Dr Natalie Jones, Research Associate
Natalie works on how global injustice and inequality can potentially contribute to existential risk, with a particular interest in climate change. Her PhD work focused on accountability and procedural justice in global governance.
Her background is in international law and climate policy, including as a Staff Writer for the Earth Negotiations Bulletin at the International Institute for Sustainable Development, a Research Assistant at the Lauterpacht Centre for International Law, and a judges' clerk at the High Court of New Zealand. She holds an LLM in international law from the University of Cambridge, and an LLB(Hons) and BSc in physics from the University of Canterbury.
Keywords: international law, international politics, participation, environmental law, climate change, global justice
Can you tell us about your pathway to CSER?
I studied a double degree in physics and law at undergraduate level, while working as a violinist in a professional orchestra. I was, and still am, one of those people who are interested in everything, and wanted to delay specialising for as long as possible; thinking that a mixture of sciences, humanities and arts would provide a good foundation for learning how the world works in all its aspects. One semester near the end of my degree, I took a course in atmospheric dynamics at the same time as courses on environmental law and indigenous peoples' rights law. It clicked in my brain that not only was climate change a massive problem, but also it inherently required multi-disciplinary solutions and was deeply linked with issues like human rights and land dispossession. Around that same time, a large earthquake devastated my city, which opened my eyes to the ways in which "natural" disasters are magnified by policy responses, and themselves tend to exacerbate existing inequalities -- as well as the potential of grassroots communities and international solidarity. All this was deeply formative.
I subsequently took a circuitous route to research. After university, I went to work as a judges' clerk (research assistant) in the High Court of New Zealand, then a shorter stint working in climate finance at Latin American environmental law NGO, the Interamerican Association for Environmental Defence (AIDA), all while moonlighting as a youth climate activist.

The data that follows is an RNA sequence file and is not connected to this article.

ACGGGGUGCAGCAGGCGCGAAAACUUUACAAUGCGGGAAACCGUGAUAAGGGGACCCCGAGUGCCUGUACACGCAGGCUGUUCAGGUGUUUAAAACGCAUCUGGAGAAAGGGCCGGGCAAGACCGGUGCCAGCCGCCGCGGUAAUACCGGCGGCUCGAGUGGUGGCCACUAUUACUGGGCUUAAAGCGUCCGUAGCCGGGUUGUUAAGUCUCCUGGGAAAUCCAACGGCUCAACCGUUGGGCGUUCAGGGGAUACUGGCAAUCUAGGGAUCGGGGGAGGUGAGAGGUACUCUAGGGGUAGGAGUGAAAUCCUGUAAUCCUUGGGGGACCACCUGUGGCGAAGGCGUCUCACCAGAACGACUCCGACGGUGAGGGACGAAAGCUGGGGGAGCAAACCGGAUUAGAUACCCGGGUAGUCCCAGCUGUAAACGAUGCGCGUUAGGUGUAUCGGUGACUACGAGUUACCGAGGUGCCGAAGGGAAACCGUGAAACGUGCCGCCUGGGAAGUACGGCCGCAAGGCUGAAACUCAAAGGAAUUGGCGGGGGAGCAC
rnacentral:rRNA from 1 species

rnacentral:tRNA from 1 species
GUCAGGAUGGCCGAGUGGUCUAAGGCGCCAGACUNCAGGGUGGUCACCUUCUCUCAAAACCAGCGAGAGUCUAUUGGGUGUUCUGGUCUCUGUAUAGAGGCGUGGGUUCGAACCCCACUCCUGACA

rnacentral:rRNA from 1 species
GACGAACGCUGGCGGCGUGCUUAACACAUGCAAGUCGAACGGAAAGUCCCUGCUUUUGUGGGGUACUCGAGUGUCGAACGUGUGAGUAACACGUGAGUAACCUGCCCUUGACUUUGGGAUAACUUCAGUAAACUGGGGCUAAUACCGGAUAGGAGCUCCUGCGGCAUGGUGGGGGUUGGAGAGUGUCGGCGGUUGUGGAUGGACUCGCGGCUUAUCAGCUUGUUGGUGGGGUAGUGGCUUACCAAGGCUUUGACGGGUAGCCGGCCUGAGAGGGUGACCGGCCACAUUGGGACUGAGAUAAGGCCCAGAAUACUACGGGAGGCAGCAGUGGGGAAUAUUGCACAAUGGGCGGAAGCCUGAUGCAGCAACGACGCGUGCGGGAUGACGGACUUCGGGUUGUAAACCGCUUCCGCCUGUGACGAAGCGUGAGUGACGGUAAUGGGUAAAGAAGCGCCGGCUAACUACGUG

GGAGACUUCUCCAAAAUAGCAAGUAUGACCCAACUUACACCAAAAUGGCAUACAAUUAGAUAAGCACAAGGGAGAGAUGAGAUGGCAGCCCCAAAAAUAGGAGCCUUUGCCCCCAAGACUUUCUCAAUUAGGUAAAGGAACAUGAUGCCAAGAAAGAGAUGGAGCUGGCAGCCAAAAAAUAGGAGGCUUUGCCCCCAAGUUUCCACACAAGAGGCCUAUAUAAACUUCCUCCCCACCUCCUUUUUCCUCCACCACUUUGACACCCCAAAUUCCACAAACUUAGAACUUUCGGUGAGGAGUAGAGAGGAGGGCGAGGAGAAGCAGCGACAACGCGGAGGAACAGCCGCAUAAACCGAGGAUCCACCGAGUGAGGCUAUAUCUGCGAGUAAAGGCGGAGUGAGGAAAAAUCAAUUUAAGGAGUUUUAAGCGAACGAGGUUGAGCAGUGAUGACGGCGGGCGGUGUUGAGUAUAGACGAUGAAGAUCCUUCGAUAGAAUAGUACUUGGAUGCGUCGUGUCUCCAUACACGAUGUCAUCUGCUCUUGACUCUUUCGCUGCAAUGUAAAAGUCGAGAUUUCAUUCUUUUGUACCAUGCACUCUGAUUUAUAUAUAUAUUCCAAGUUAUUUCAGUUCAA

As a youth activist, I was really fortunate to be able to attend the UN climate negotiations in the years leading up to the adoption of the Paris Agreement. This was really eye opening and raised many questions for me. Deciding to further my studies, I came to Cambridge for my LLM and then PhD in international law. At various points during this period, I had the good fortune to work and consult in litigation, climate policy, and (UK and international) politics, including for the Stockholm Environment Institute (SEI), the International Institute for Sustainable Development (IISD) writing for the Earth Negotiations Bulletin, the Urgenda Climate Litigation Network, and as co-coordinator of the All-Party Parliamentary Group for Future Generations. This latter role brought me into touch with scholars at CSER where I was attracted by the interdisciplinary, foundational nature of the work underway at the centre.
Please can you tell us about your main area of expertise?
My expertise is mainly in international law, climate policy, and participatory decision-making. My PhD focused on the question of who is entitled to have a voice in global decision-making processes, mostly looking at intergovernmental organizations, self-determination and the rights of (indigenous) peoples. Alongside my PhD project, I have published on fossil fuel supply side policy and the UN climate regime, the governance of negative emissions, the rights and representation of future generations, waste regulation, and the law governing onshore wind farms, among other topics.